The Teapot Prince
Thu 16 & Fri 17 Jun
6pmHouse & Grounds
This summer see The Teapot Prince, a lost 18th-century ballet, performed in the fairy-tale grounds of Waddesdon before exploring the Manor after-hours.
Be enchanted by this contemporary reimagining of the lost 18th-century French Ballet des Porcelaines – The Teapot Prince, bringing to life a story of magic, desire and exotic entanglement. Originally staged in a château near Paris, this is the first production of the ballet in nearly 300 years. See it performed against the fairy-tale backdrop of Waddesdon Manor this summer.
Created by Meredith Martin, professor of art history at New York University, and Phil Chan, choreographer and co-founder of Final Bow for Yellowface, in collaboration with The Oxford Research Centre for the Humanities (TORCH) and the British Society for Eighteenth-Century Studies.
The Teapot Prince is based on an Orientalist fairy tale about a sorcerer who lives on a ‘Blue Island’ and transforms anyone who dares to trespass into porcelain cups, vases and other wares. When the sorcerer turns the eponymous prince into a teapot, his lover, the princess comes to his rescue…
The original Ballet des Porcelaines can be seen as an allegory for the aggressive European desire to know and steal the secrets of Chinese porcelain manufacture. In the new version, the narrative is flipped. The main protagonists are now Chinese, the Sorcerer a mad European porcelain collector, modelled on Augustus II the Strong (1670-1733), King of Poland, elector of Saxony and founder of Meissen, the first European manufactory to succeed in making true porcelain.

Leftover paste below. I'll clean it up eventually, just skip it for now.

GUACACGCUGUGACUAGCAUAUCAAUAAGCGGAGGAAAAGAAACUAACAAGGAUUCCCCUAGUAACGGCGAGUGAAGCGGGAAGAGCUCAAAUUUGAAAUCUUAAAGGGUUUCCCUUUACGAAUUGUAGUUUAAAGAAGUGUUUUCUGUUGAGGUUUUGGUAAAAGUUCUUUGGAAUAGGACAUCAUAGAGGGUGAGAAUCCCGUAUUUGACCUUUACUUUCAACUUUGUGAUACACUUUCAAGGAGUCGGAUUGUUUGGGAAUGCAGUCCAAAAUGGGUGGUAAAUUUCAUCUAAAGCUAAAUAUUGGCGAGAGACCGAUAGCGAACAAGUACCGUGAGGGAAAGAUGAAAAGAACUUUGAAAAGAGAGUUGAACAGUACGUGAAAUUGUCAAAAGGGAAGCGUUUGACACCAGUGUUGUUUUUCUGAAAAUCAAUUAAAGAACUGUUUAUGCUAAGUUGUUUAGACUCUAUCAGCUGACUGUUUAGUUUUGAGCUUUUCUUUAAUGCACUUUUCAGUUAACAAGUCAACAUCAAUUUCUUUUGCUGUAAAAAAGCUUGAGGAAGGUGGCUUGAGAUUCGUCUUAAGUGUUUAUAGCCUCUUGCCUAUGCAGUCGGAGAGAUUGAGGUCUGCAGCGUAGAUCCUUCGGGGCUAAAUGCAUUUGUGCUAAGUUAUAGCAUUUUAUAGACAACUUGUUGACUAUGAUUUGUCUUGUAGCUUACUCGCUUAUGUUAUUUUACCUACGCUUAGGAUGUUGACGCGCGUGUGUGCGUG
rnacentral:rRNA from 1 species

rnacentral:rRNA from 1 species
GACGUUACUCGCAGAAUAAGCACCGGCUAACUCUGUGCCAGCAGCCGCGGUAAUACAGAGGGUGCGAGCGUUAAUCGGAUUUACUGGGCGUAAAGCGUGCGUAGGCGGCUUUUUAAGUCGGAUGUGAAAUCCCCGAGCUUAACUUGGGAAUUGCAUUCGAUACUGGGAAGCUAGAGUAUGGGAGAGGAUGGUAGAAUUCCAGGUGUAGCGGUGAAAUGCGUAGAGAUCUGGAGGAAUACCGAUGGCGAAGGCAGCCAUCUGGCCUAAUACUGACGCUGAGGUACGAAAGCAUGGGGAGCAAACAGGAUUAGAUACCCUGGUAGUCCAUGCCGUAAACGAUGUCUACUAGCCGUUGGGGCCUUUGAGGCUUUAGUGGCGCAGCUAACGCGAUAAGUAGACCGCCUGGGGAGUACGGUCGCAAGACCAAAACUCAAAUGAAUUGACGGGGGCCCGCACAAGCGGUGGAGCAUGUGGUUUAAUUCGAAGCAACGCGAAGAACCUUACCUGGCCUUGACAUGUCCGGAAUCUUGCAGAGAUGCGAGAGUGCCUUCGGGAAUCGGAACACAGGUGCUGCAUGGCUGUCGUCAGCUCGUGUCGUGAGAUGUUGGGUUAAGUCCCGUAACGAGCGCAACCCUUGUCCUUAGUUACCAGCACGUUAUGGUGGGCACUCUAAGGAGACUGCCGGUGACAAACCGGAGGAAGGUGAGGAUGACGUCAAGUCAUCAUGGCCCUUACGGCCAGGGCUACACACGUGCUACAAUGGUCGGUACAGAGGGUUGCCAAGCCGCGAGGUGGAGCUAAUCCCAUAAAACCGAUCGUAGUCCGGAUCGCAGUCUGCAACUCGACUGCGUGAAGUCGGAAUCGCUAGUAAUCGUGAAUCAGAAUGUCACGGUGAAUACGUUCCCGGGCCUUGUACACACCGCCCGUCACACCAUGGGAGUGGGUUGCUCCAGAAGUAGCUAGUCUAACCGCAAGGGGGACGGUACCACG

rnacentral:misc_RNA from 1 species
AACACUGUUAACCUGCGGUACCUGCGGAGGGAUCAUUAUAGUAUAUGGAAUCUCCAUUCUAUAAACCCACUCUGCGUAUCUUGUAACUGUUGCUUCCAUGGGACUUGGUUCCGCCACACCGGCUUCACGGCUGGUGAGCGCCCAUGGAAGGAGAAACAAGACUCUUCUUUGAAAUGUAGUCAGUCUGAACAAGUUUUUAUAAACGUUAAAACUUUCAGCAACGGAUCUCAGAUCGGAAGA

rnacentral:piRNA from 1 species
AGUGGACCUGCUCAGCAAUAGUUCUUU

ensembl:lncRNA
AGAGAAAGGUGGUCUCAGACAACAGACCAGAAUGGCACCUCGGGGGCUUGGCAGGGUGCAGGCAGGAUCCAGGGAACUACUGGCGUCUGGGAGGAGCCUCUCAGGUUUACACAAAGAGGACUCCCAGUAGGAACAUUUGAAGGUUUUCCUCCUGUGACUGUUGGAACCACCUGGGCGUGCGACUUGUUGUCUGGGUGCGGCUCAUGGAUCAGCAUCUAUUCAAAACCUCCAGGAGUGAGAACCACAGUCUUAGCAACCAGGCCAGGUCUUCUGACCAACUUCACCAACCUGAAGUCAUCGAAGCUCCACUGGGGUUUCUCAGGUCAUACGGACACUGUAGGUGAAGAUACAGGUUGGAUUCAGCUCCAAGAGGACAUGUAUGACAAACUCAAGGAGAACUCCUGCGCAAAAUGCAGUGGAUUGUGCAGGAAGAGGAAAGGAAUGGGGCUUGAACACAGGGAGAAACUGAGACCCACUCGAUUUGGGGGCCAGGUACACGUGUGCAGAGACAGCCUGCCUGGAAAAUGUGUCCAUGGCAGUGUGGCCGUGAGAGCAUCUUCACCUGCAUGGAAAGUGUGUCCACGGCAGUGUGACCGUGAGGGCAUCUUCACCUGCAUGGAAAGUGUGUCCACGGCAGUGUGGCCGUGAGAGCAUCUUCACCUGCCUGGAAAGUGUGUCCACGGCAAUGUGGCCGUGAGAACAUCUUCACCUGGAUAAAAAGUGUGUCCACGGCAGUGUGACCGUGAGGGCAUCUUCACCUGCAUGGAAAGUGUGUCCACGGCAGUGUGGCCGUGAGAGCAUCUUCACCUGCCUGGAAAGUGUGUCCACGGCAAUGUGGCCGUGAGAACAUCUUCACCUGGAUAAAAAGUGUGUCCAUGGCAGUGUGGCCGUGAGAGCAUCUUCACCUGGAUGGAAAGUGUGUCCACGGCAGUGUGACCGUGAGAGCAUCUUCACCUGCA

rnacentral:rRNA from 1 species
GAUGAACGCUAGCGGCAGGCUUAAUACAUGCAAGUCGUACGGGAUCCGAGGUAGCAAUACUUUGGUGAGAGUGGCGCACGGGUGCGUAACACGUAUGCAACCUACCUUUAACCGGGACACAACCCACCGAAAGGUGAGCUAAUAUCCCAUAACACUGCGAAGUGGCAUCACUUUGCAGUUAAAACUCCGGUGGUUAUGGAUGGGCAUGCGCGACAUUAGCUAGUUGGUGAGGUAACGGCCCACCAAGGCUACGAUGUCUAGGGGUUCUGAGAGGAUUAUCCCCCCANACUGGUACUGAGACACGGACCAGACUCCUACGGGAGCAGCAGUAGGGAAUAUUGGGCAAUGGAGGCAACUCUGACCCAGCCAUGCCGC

After the performance, you’ll have exclusive access to the Manor’s west galleries housing renowned collections of 18th-century porcelain and there will be a talk by the ballet company.
Order a picnic for two to enjoy in the grounds before the performance, freshly-made and inspired by our quintessential afternoon teas.
Classic and vegetarian options available, £29.95. Collect at the Manor Terrace from 6pm.
Discover the Ballet des Porcelaines
Written by the extravagantly named Anne Claude de Tubières-Grimoard de Pestels de Lévis, comte de Caylus, marquis d’Esternay, baron de Bransac (1692–1765), a French antiquarian, proto-archaeologist and man of letters, the Ballet des Porcelaines was first staged in 1739 and is contemporaneous with the similarly themed story of Beauty and the Beast (1740). Rarely, if ever, performed after 1741, the ballet influenced the later works Sleeping Beauty and The Nutcracker.
On the day
- Doors open from 6pm, please park in our private car park at the top of the hill
- Picnic collection from 6pm on the Manor Terrace
- The performance will begin at 6.30pm on the North Front, please note this is an outdoor performance and standing-only
- 7-8.30pm, explore the Manor’s west galleries and listen to a talk by the ballet company